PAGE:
Incidence of Malignant Melanoma of the Skin–United States, 2009–2018

U.S. Cancer Statistics Data Briefs, No. 28
May 2022

In 2018, a total of 83,996 new cases of melanoma were reported in the United States: 49,547 among males and 34,449 among females. The incidence rate was 22.0 per 100,000 standard population, 27.9 per 100,000 males, and 17.7 per 100,000 females.

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Invasive melanoma of the skin was the sixth most common cancer by rate of new cancer cases in 2018. Most cases of skin cancer, including malignant melanoma of the skin, are caused by overexposure to ultraviolet rays from the sun, tanning beds, or sunlamps. During 2009 to 2018, incidence of malignant melanoma of the skin increased 1.2 percent per year on average and most cases were diagnosed at the localized stage (Table 1). By race and ethnicity, non-Hispanic White individuals had the highest incidence rate of malignant melanoma of the skin (Figure 1).

Table 1. Trends in incidencea of malignant melanoma of the skin by sex and stage at diagnosisb—United States, 2009–2018
2009 Rate 2009 Count 2018 Rate 2018 Count AAPC
Total 20.4 65,637 22.0 83,996 1.2*
Female 16.5 27,756 17.7 34,449 1.5*
Male 26.0 37,881 27.9 49,547 1.1*
Stage
Localized 15.9 51,126 17.0 64,701 1.5*
Regional 2.0 6,353 2.1 7,818 0.5
Distant 0.9 2,762 1.0 3,772 1.3
Unknown 1.7 5,396 2.0 7,693 2.2*

Abbreviation: AAPC = average annual percent change. AAPCs shown in the table are during 2009–2018.
aRates are per 100,000 population and are age-adjusted to the 2000 US standard population.
bMerged Summary Stage 2000 was used to classify stage at diagnosis.
*Denotes statistical significance (P <.05).

Figure 1. Incidencea of malignant melanoma of the skin by race/ethnicityb—United States, 2009–2018

Abbreviations: NH = non-Hispanic. AAPC = average annual percent change. AI/AN = American Indian or Alaska Native. A/PI = Asian or Pacific Islander.
aRates are per 100,000 population and are age-adjusted to the 2000 US standard population.
bRacial and ethnic groups are mutually exclusive. Hispanic persons can be any race.
*Indicate AAPC is significantly different from zero at α 0.05.

Incidence by U.S. Census Region

During 2009 to 2018, incidence of malignant melanoma of the skin was highest among individuals in the West and Midwest regions (Figure 2). Incidence increased the most among individuals living in the Midwest (2.6 percent per year on average). When examined by U.S. census region and race/ethnicity, malignant melanoma of the skin was highest among non-Hispanic White individuals (Figure 3). During the same period, incidence increased among non-Hispanic White individuals in the West, Midwest, and South, and decreased among non-Hispanic Black individuals in the South.

Figure 2. Incidencea of malignant melanoma of the skin by U.S. census region—United States, 2009–2018

Abbreviation: AAPC = average annual percent change. AAPCs shown in the figure are during 2009–2018.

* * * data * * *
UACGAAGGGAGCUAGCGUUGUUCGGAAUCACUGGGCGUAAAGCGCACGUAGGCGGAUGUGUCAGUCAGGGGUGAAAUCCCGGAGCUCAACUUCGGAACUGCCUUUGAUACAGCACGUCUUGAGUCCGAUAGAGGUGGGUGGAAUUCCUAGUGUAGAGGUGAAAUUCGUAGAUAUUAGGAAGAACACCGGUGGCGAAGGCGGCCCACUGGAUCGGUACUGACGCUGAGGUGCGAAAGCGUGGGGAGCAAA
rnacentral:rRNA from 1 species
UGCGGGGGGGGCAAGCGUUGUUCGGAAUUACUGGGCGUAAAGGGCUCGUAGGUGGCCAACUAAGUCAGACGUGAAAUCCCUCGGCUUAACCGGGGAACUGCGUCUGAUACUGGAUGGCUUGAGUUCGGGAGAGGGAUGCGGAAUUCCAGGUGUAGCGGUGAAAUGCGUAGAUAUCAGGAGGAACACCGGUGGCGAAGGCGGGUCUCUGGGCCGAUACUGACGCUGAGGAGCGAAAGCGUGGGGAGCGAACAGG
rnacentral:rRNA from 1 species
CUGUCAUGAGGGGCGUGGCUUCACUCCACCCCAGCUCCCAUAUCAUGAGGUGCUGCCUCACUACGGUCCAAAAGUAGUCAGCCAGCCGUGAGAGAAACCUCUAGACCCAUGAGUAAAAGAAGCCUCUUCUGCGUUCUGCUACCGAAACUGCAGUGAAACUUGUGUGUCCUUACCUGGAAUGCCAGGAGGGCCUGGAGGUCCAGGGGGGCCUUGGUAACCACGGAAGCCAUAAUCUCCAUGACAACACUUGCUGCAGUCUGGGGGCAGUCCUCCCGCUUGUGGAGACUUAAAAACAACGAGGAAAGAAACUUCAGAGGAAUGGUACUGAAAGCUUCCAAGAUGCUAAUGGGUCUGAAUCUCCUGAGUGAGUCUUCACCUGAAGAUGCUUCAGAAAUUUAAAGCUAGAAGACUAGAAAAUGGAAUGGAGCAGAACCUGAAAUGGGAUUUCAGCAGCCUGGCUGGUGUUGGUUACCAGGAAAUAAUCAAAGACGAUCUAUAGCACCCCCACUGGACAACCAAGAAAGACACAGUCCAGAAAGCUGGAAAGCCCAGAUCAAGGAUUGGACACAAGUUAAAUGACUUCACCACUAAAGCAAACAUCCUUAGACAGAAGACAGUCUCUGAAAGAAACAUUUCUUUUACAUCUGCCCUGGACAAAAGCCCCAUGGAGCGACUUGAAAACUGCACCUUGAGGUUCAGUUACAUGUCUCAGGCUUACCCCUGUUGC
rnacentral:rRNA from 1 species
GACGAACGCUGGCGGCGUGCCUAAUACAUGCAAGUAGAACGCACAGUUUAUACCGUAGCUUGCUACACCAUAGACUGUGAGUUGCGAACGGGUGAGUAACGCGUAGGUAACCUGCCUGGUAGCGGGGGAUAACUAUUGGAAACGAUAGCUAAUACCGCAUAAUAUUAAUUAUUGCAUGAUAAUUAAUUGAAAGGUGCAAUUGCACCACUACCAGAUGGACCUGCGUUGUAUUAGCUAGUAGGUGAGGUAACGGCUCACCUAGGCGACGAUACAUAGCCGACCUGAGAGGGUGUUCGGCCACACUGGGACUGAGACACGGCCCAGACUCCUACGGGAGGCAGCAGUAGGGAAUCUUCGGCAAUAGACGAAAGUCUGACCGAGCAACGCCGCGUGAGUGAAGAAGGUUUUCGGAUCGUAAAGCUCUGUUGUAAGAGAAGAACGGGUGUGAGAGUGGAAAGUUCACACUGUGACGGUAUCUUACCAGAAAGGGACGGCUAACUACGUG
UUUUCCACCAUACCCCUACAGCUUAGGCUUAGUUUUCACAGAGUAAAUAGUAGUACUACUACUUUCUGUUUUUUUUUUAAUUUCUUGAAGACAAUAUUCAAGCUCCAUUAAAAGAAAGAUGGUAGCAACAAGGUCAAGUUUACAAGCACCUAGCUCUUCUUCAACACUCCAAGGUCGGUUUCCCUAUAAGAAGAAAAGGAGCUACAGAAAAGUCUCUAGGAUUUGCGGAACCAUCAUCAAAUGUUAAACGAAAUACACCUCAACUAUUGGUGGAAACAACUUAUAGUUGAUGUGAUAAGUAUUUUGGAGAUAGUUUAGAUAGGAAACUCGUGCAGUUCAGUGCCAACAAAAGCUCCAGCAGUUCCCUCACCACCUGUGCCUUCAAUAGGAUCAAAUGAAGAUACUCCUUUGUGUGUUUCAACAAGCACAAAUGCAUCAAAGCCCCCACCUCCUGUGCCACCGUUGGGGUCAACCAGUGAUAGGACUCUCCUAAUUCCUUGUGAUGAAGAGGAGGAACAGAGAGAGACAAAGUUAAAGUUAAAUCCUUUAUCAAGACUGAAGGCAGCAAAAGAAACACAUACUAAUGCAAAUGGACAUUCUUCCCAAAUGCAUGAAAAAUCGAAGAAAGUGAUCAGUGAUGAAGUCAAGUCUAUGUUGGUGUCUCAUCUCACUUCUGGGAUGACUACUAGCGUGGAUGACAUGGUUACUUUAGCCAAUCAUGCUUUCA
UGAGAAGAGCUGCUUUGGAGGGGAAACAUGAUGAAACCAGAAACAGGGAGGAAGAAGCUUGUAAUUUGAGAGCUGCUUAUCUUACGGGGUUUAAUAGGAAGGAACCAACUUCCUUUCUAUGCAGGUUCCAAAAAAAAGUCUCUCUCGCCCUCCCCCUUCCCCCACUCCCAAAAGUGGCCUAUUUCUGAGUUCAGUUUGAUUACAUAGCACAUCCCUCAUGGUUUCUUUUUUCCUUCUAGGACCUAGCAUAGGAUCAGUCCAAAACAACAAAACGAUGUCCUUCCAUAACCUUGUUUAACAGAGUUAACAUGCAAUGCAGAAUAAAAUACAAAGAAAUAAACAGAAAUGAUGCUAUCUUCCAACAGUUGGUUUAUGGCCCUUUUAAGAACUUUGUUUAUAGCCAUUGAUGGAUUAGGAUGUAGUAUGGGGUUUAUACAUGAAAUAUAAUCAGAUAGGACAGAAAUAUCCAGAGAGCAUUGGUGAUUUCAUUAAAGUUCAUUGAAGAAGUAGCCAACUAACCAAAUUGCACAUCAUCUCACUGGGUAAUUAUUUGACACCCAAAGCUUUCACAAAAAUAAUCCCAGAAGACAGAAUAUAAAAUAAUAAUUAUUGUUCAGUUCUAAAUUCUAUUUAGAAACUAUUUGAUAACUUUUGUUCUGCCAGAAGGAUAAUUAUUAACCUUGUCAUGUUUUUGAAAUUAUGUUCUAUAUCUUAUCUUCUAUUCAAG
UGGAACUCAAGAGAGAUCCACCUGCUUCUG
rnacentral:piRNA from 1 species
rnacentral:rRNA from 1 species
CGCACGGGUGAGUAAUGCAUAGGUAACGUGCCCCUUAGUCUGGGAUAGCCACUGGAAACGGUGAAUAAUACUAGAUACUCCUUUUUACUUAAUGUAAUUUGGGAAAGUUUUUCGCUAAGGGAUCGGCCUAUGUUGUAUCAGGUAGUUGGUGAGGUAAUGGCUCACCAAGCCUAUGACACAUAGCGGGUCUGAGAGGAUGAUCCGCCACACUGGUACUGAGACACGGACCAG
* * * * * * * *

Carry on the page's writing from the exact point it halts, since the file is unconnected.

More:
aRates are per 100,000 population and are age-adjusted to the 2000 US standard population.
*Denotes statistical significance (P <.05).

Figure 3. Incidencea of malignant melanoma of the skin by U.S. census region and race/ethnicityb—United States, 2009–2018

Abbreviations: NH = non-Hispanic. A/PI = Asian or Pacific Islander.
aRates are per 100,000 population and are age-adjusted to the 2000 US standard population.
bAmerican Indian and Alaska Native people were excluded due to case counts fewer than 16. Race and ethnicity are mutually exclusive.

The following rates shown in Figure 3 are statistically significant (P <.05)—

  • West region, 2018, non-Hispanic White.
  • South region, 2018, non-Hispanic White.
  • South region, 2018, non-Hispanic Black.
  • Midwest region, 2018, non-Hispanic White.

Incidence by 10-Year Age Groups

During 2009 to 2018, incidence of malignant melanoma of the skin was highest among individuals aged 75 to 84 years and 85 years or older. Incidence of malignant melanoma of the skin increased the most among individuals aged 75 to 84 years (2.4 percent per year on average) and aged 85 years and older (2.6 percent per year on average). Incidence of malignant melanoma of the skin was lowest among individuals aged 15 to 24 years and decreased the most among individuals aged 15 to 24 years (4.9 percent per year on average).

Figure 4. Incidencea of malignant melanoma of the skin by 10-year age groups—United States, 2009–2018

Abbreviation: AAPC = average annual percent change.
aRates are per 100,000 population and are age-adjusted to the 2000 US standard population.
*Denotes statistical significance (P <.05).

Data Sources

Data in this brief come from U.S. Cancer Statistics, the official federal cancer statistics.

U.S. Cancer Statistics incidence data are from population-based registries that participate in CDC’s National Program of Cancer Registries (NPCR) and/or the National Cancer Institute’s Surveillance, Epidemiology, and End Results (SEER) Program and met high-quality data for the 2020 data submission period, covering 97% of the U.S. population (excluding data from Nevada).

National Program of Cancer Registries and Surveillance, Epidemiology, and End Results Program SEER*Stat Database: NPCR and SEER Incidence – U.S. Cancer Statistics 2001–2018 Public Use Research Database, 2020 submission (2001–2018), United States Department of Health and Human Services, Centers for Disease Control and Prevention and National Cancer Institute. Released June 2021. Available at www.cdc.gov/cancer/uscs/public-use.

Suggested Citation

Centers for Disease Control and Prevention. United States Cancer Statistics: Incidence of Malignant Melanoma of the Skin—United States, 2009–2018. USCS Data Brief, no. 28. Atlanta, GA: Centers for Disease Control and Prevention, US Department of Health and Human Services; 2022.

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